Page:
Challenge yourself: to do something you don’t enjoy/want or believe you can do. For example, go and play golf, football, skiing, bungee jumping etc. Do an activity which you have never done before or fear.

Draycott table tennis club

I was at Draycott TTC last weekend and the players possessed many of the characteristics I speak of above.

The conditions were super hot that day, and I provided exercises which most were unfamiliar with or struggled to fully understand how or why it’s done. But yet most took on board the variety of uncomfortable scenarios. This showed me the character and ethos of the club which explained why Draycott is possibly the no.1 TT club under 17’s in England (currently).


I loved seeing all the players wearing Draycott’s club shirt, something I enforced in my former clubs and academy. I originate from a country where military service is a must, I was taught about forming a unity which begins with the uniform. You are given the opportunity to be yourself but when you’re tackling a certain cause or vision, that’s when it’s key to unite, in other words (assemble an army to tackle your desired outcome).
I’m an individual but I am also willing to unite at any given moment when I’m thriving towards success and need help getting there.

If you are wearing your clubs kit, it means you have created a bond and one that many fail to understand. Often due to ego or ignorance of unity, many fail and few succeed.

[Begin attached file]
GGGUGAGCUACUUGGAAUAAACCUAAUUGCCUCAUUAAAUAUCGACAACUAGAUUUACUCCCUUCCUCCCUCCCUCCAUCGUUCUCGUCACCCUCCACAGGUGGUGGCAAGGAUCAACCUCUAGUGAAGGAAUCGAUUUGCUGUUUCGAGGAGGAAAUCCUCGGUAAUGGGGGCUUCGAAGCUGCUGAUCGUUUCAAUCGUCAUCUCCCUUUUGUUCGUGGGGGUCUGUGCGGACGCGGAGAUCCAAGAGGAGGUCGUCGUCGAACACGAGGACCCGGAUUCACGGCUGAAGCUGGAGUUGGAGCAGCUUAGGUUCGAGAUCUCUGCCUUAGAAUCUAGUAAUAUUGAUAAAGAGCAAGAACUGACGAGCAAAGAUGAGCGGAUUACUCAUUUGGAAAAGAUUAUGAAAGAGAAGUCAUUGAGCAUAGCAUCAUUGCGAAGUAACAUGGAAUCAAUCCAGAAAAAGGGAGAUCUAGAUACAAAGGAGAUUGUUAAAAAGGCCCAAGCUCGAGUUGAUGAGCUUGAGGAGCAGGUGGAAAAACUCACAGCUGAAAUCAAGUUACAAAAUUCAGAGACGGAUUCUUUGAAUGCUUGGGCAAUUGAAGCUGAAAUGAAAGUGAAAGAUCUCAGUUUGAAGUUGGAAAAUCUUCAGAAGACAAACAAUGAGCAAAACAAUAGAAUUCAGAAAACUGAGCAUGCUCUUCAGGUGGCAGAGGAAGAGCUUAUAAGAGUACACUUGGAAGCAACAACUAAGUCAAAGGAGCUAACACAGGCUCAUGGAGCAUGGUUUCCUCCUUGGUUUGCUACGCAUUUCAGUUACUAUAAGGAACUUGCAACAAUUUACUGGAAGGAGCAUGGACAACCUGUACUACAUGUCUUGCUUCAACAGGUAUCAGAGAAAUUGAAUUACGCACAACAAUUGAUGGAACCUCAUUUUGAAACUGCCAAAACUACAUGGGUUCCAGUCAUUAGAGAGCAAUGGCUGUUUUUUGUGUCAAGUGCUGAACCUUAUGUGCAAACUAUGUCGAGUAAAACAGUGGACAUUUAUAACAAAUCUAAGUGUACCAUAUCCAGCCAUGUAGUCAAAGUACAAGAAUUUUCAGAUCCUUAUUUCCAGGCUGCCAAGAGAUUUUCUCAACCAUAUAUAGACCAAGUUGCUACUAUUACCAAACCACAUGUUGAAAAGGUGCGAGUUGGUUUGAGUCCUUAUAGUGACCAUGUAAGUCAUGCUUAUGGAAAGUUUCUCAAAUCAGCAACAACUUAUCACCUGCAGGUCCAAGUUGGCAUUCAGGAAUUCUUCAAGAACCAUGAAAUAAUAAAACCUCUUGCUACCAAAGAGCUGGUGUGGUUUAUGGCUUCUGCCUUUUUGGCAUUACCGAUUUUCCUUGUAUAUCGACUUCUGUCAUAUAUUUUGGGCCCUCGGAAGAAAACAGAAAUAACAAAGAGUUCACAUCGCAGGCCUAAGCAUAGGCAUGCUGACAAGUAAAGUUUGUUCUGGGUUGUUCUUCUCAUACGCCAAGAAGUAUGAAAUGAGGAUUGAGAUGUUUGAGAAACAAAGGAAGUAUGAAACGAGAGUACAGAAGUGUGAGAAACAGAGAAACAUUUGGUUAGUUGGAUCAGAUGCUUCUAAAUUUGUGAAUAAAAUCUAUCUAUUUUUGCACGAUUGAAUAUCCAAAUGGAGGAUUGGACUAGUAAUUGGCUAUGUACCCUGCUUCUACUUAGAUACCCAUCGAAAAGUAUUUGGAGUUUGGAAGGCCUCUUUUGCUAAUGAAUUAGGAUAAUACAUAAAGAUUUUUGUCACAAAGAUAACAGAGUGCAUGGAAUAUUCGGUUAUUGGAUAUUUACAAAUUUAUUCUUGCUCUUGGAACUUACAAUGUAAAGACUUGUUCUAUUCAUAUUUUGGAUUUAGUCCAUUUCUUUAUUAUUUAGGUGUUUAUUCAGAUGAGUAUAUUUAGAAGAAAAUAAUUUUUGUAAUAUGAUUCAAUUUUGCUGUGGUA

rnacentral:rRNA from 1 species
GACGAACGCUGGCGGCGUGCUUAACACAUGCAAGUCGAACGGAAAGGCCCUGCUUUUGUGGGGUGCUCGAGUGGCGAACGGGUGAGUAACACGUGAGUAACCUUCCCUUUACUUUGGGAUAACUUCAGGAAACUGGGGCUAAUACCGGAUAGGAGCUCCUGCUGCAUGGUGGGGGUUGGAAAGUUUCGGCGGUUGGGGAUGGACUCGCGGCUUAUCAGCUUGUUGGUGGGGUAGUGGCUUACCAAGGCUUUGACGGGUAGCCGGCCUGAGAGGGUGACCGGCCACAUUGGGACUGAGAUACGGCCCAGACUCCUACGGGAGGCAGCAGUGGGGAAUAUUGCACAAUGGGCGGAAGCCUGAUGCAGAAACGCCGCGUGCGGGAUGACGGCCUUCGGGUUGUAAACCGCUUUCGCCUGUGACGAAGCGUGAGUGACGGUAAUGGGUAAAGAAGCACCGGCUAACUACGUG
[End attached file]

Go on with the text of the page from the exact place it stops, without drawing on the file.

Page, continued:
I urge all players, clubs and coaches to develop elements of uncomfortable situations and by doing so you will reap the rewards in the long term.

Check this unique uncomfortable training click HERE

Written by Eli Baraty

eBaTT (Eli Baraty Academy of Table Tennis)                          
Coach Me Table Tennis 
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Twitter: @elibaraty
FB: Coach Me Table Tennis
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Table Tennis, Reading Spin and the Amount of Spin?

Most players can read table tennis spin, for example when someone cuts under the ball, they know its backspin, when they hit the side of the ball they know it’s side-spin. But a large proportion of players struggle to read the amount of spin imparted.

We may misread what spin has been implemented when receiving high-quality serve’s. Players may struggle to read what spin is on the ball, due to deceptive movements or a slight variation of contact points.

Spin in table tennis is like no other sport
Table Tennis Spin


Why do so many people make unforced errors?

I coach many players of all levels and I’ve found that players miss due to a misunderstanding of revolutions. Meaning they miss read the amount of spin. A ball can spin up to 120 times per second and if we are unable to detect the approximate quantity, it will lead to an unseemly error.

So how can we detect and develop our awareness of spin quantity?
  1. Look at the ball carefully in mid-flight, can you see the logo? If not most likely it has a lot of spin. If you have good eyes you’ll see the ball fizzing with spin, use that indication to play the correct stroke.
  2. The flight of the ball: is the ball curling in the air? Is it kicking forward? All of them indicate a lot of spin which creates, those flight pathways.
  3. Sound: try to listen to the contact imparted by the opponent; is it a clunky/woody sound? Or a thin grip screech? The later generally indicates spin and vice versa.